The ISI has a peculiar privacy policy, viz.: no privacy policy. Anybody having access to the database can extract the list of publications, number of citations, h-index etc. of just anybody. For young students and junior scientists considering leaving their country access to these numbers might be very useful for them. A good reader of a publication and citation list of a group leader can easily infer the social structure of the group led by that scientist.

A number of commercial enterprises is to compete with the ISI and were until recently not very successfully with it. Years ago I checked Google Scholar and discovered that my own publication list was very poorly represented. That impression stuck in my mind until a few weeks ago. A colleague of mine stated that Google Scholar and in particular the Citations part was excellent. I did not agree, but it made me check Google Scholar again and I was deeply impressed. Google’s algorithms are so good that they know that “de Vries” and “DeVries” can be the same author. ISI, without ResearcherID, cannot make any connection between them.

The quality of Google’s representation of my publication list is extremely good and better than the ISI. In addition the formatting is much more pleasant.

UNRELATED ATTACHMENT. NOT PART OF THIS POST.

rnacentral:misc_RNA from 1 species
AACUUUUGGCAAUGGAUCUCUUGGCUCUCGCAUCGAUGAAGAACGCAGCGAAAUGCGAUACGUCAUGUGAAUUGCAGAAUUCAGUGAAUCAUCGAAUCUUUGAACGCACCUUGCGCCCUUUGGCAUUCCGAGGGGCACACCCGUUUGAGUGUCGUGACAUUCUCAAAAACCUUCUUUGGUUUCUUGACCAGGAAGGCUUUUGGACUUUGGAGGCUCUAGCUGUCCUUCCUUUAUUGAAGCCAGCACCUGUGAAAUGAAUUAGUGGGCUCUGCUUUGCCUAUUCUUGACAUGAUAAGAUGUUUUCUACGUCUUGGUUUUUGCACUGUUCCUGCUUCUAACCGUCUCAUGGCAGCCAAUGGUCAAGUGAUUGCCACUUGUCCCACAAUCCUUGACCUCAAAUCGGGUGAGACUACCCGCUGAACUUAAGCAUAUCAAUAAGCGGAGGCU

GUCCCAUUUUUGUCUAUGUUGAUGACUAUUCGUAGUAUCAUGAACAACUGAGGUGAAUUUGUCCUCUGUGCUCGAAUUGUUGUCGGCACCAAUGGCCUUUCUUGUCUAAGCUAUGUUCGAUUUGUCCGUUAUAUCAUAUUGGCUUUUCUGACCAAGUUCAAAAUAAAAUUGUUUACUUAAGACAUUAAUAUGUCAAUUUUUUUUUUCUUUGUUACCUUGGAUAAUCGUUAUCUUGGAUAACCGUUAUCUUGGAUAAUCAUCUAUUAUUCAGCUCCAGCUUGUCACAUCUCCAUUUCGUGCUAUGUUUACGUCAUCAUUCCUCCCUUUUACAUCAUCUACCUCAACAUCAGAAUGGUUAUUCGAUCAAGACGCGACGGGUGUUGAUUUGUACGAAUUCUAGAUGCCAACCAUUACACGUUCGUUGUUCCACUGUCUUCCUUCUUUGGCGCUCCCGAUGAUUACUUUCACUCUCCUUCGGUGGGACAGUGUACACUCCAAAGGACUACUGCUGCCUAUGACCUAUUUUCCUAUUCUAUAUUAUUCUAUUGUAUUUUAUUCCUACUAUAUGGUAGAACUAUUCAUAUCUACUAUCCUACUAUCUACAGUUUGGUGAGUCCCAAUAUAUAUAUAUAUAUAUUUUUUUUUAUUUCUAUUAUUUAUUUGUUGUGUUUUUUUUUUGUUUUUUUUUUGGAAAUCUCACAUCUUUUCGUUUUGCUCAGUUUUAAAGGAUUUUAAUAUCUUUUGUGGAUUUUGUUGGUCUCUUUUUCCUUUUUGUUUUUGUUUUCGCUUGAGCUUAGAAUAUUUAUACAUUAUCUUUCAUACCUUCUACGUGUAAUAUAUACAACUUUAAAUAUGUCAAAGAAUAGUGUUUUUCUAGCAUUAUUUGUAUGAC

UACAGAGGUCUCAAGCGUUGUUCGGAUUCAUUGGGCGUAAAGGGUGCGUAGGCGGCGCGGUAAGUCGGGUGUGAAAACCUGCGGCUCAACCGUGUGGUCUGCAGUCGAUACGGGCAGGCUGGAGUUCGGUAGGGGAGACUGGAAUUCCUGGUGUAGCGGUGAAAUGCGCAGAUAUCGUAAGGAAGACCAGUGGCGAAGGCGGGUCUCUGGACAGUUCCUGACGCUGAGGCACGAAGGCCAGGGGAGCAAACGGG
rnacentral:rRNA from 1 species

Google is fighting worldwide with authorities about privacy violations, but in the case of Google Scholar the giant from California is unfortunately restrictive: Scientists have to make their Google Scholar profile public if they want other people to be able to have read access to it.

So my advice to scientists:  make your Google Scholar profile public. Many journalists and many applicants for junior science positions will love it. If Google Scholar Citations will be a success ISI will have to reconsider its business model and become free, open access as well.

I will be honest about my secret motive. If the h-index becomes so readily available many more scientist will play the card of h-index optimization (HIO) up to a point where the h-index becomes meaningless.

My profile
You want an example? Just check my Google Scholar Citations profile

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1. 13 Mar 2012 18:52, Antonio

I agree with the main points that non active scientists (as well as non-scientist) use to evaluate scientists. But I hope that scientist don’t use this scheme to evaluate their fellow colleagues. I expect something like your top 5 most significant publications/contributions to the current field of research, but I guess this could be discussed in another post.

BTW, mine public Goggle Scholar Citations Profile is this.

2. […] um breve texto sobre o Google Scholar. Sim, vale a pena ter seu perfil por lá. Falando de saber, ensinar e aprender, eis nossa dica […]